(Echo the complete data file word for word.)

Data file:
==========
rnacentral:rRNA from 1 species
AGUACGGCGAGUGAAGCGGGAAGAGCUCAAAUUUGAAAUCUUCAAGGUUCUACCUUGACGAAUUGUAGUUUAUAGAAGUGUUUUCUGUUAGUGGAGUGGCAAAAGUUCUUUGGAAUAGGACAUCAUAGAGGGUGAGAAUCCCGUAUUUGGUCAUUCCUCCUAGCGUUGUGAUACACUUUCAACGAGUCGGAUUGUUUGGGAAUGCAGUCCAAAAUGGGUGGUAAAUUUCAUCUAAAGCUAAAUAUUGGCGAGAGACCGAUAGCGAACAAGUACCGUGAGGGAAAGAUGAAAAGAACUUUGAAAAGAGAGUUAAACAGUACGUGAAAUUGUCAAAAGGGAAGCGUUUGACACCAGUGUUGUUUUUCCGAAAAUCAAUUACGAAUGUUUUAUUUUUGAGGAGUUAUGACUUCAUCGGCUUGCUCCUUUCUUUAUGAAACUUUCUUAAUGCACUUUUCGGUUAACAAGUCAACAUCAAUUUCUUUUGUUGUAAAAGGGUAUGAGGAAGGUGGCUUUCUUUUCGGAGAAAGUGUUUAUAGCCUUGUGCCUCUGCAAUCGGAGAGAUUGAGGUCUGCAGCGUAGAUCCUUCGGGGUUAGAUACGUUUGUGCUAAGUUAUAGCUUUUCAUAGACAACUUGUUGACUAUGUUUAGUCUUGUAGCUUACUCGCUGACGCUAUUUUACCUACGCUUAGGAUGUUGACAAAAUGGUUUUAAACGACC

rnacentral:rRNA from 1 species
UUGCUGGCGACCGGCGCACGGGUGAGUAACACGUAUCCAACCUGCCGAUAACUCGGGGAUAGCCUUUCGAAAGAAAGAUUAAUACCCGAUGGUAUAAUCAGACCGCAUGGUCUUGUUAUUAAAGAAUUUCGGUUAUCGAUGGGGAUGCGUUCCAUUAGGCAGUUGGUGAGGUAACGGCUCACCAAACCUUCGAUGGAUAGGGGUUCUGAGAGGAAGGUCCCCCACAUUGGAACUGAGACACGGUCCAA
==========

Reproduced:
rnacentral:rRNA from 1 species
AGUACGGCGAGUGAAGCGGGAAGAGCUCAAAUUUGAAAUCUUCAAGGUUCUACCUUGACGAAUUGUAGUUUAUAGAAGUGUUUUCUGUUAGUGGAGUGGCAAAAGUUCUUUGGAAUAGGACAUCAUAGAGGGUGAGAAUCCCGUAUUUGGUCAUUCCUCCUAGCGUUGUGAUACACUUUCAACGAGUCGGAUUGUUUGGGAAUGCAGUCCAAAAUGGGUGGUAAAUUUCAUCUAAAGCUAAAUAUUGGCGAGAGACCGAUAGCGAACAAGUACCGUGAGGGAAAGAUGAAAAGAACUUUGAAAAGAGAGUUAAACAGUACGUGAAAUUGUCAAAAGGGAAGCGUUUGACACCAGUGUUGUUUUUCCGAAAAUCAAUUACGAAUGUUUUAUUUUUGAGGAGUUAUGACUUCAUCGGCUUGCUCCUUUCUUUAUGAAACUUUCUUAAUGCACUUUUCGGUUAACAAGUCAACAUCAAUUUCUUUUGUUGUAAAAGGGUAUGAGGAAGGUGGCUUUCUUUUCGGAGAAAGUGUUUAUAGCCUUGUGCCUCUGCAAUCGGAGAGAUUGAGGUCUGCAGCGUAGAUCCUUCGGGGUUAGAUACGUUUGUGCUAAGUUAUAGCUUUUCAUAGACAACUUGUUGACUAUGUUUAGUCUUGUAGCUUACUCGCUGACGCUAUUUUACCUACGCUUAGGAUGUUGACAAAAUGGUUUUAAACGACC

rnacentral:rRNA from 1 species
UUGCUGGCGACCGGCGCACGGGUGAGUAACACGUAUCCAACCUGCCGAUAACUCGGGGAUAGCCUUUCGAAAGAAAGAUUAAUACCCGAUGGUAUAAUCAGACCGCAUGGUCUUGUUAUUAAAGAAUUUCGGUUAUCGAUGGGGAUGCGUUCCAUUAGGCAGUUGGUGAGGUAACGGCUCACCAAACCUUCGAUGGAUAGGGGUUCUGAGAGGAAGGUCCCCCACAUUGGAACUGAGACACGGUCCAA